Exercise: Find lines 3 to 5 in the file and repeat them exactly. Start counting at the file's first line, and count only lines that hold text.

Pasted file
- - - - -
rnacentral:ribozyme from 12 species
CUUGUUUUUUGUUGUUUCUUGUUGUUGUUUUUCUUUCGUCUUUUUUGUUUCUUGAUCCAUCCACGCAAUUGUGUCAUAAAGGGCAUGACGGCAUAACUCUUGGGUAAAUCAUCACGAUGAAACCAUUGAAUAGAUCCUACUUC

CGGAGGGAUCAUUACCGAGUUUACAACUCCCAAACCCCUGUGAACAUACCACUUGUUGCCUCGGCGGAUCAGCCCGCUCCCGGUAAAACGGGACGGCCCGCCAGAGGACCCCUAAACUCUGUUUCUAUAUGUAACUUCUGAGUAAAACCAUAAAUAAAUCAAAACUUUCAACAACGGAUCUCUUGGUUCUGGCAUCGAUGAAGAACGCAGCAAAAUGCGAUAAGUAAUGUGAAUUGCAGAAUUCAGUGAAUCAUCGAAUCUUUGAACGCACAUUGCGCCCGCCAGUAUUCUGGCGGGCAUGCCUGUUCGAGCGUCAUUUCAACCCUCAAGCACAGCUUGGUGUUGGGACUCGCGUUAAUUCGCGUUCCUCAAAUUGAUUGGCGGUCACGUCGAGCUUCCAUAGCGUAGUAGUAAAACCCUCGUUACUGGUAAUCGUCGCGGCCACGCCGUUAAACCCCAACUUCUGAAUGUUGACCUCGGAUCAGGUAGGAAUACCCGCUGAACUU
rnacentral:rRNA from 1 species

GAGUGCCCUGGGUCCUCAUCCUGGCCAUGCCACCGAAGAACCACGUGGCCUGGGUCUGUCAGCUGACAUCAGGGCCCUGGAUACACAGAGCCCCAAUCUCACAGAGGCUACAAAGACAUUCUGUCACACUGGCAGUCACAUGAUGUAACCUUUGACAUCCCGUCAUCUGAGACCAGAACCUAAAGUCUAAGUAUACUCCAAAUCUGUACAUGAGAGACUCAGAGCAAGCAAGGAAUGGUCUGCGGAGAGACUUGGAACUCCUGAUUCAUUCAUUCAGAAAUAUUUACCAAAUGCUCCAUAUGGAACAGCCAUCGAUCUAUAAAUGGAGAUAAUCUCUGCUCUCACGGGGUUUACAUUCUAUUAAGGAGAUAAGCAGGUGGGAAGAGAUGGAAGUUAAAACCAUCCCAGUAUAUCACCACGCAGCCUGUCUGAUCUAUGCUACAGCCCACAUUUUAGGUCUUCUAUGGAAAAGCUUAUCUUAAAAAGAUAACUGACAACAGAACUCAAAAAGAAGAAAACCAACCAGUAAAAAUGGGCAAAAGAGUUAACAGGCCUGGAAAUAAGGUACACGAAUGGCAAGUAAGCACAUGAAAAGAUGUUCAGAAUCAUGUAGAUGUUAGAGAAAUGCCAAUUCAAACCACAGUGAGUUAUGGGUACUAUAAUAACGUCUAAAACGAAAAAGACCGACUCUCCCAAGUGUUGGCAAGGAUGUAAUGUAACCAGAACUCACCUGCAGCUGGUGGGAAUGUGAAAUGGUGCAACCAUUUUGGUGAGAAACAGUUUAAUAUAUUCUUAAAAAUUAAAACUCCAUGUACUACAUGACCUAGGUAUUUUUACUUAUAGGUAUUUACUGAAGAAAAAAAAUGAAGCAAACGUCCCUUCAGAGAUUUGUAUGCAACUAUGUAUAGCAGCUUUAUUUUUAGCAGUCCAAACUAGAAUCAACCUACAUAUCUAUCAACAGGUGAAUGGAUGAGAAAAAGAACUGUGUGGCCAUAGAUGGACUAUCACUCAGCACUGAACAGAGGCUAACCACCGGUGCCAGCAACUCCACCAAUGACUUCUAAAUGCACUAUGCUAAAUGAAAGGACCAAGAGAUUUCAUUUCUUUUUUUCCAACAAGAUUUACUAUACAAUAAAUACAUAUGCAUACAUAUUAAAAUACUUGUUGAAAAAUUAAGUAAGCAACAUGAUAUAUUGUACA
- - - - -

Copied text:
CGGAGGGAUCAUUACCGAGUUUACAACUCCCAAACCCCUGUGAACAUACCACUUGUUGCCUCGGCGGAUCAGCCCGCUCCCGGUAAAACGGGACGGCCCGCCAGAGGACCCCUAAACUCUGUUUCUAUAUGUAACUUCUGAGUAAAACCAUAAAUAAAUCAAAACUUUCAACAACGGAUCUCUUGGUUCUGGCAUCGAUGAAGAACGCAGCAAAAUGCGAUAAGUAAUGUGAAUUGCAGAAUUCAGUGAAUCAUCGAAUCUUUGAACGCACAUUGCGCCCGCCAGUAUUCUGGCGGGCAUGCCUGUUCGAGCGUCAUUUCAACCCUCAAGCACAGCUUGGUGUUGGGACUCGCGUUAAUUCGCGUUCCUCAAAUUGAUUGGCGGUCACGUCGAGCUUCCAUAGCGUAGUAGUAAAACCCUCGUUACUGGUAAUCGUCGCGGCCACGCCGUUAAACCCCAACUUCUGAAUGUUGACCUCGGAUCAGGUAGGAAUACCCGCUGAACUU
rnacentral:rRNA from 1 species

GAGUGCCCUGGGUCCUCAUCCUGGCCAUGCCACCGAAGAACCACGUGGCCUGGGUCUGUCAGCUGACAUCAGGGCCCUGGAUACACAGAGCCCCAAUCUCACAGAGGCUACAAAGACAUUCUGUCACACUGGCAGUCACAUGAUGUAACCUUUGACAUCCCGUCAUCUGAGACCAGAACCUAAAGUCUAAGUAUACUCCAAAUCUGUACAUGAGAGACUCAGAGCAAGCAAGGAAUGGUCUGCGGAGAGACUUGGAACUCCUGAUUCAUUCAUUCAGAAAUAUUUACCAAAUGCUCCAUAUGGAACAGCCAUCGAUCUAUAAAUGGAGAUAAUCUCUGCUCUCACGGGGUUUACAUUCUAUUAAGGAGAUAAGCAGGUGGGAAGAGAUGGAAGUUAAAACCAUCCCAGUAUAUCACCACGCAGCCUGUCUGAUCUAUGCUACAGCCCACAUUUUAGGUCUUCUAUGGAAAAGCUUAUCUUAAAAAGAUAACUGACAACAGAACUCAAAAAGAAGAAAACCAACCAGUAAAAAUGGGCAAAAGAGUUAACAGGCCUGGAAAUAAGGUACACGAAUGGCAAGUAAGCACAUGAAAAGAUGUUCAGAAUCAUGUAGAUGUUAGAGAAAUGCCAAUUCAAACCACAGUGAGUUAUGGGUACUAUAAUAACGUCUAAAACGAAAAAGACCGACUCUCCCAAGUGUUGGCAAGGAUGUAAUGUAACCAGAACUCACCUGCAGCUGGUGGGAAUGUGAAAUGGUGCAACCAUUUUGGUGAGAAACAGUUUAAUAUAUUCUUAAAAAUUAAAACUCCAUGUACUACAUGACCUAGGUAUUUUUACUUAUAGGUAUUUACUGAAGAAAAAAAAUGAAGCAAACGUCCCUUCAGAGAUUUGUAUGCAACUAUGUAUAGCAGCUUUAUUUUUAGCAGUCCAAACUAGAAUCAACCUACAUAUCUAUCAACAGGUGAAUGGAUGAGAAAAAGAACUGUGUGGCCAUAGAUGGACUAUCACUCAGCACUGAACAGAGGCUAACCACCGGUGCCAGCAACUCCACCAAUGACUUCUAAAUGCACUAUGCUAAAUGAAAGGACCAAGAGAUUUCAUUUCUUUUUUUCCAACAAGAUUUACUAUACAAUAAAUACAUAUGCAUACAUAUUAAAAUACUUGUUGAAAAAUUAAGUAAGCAACAUGAUAUAUUGUACA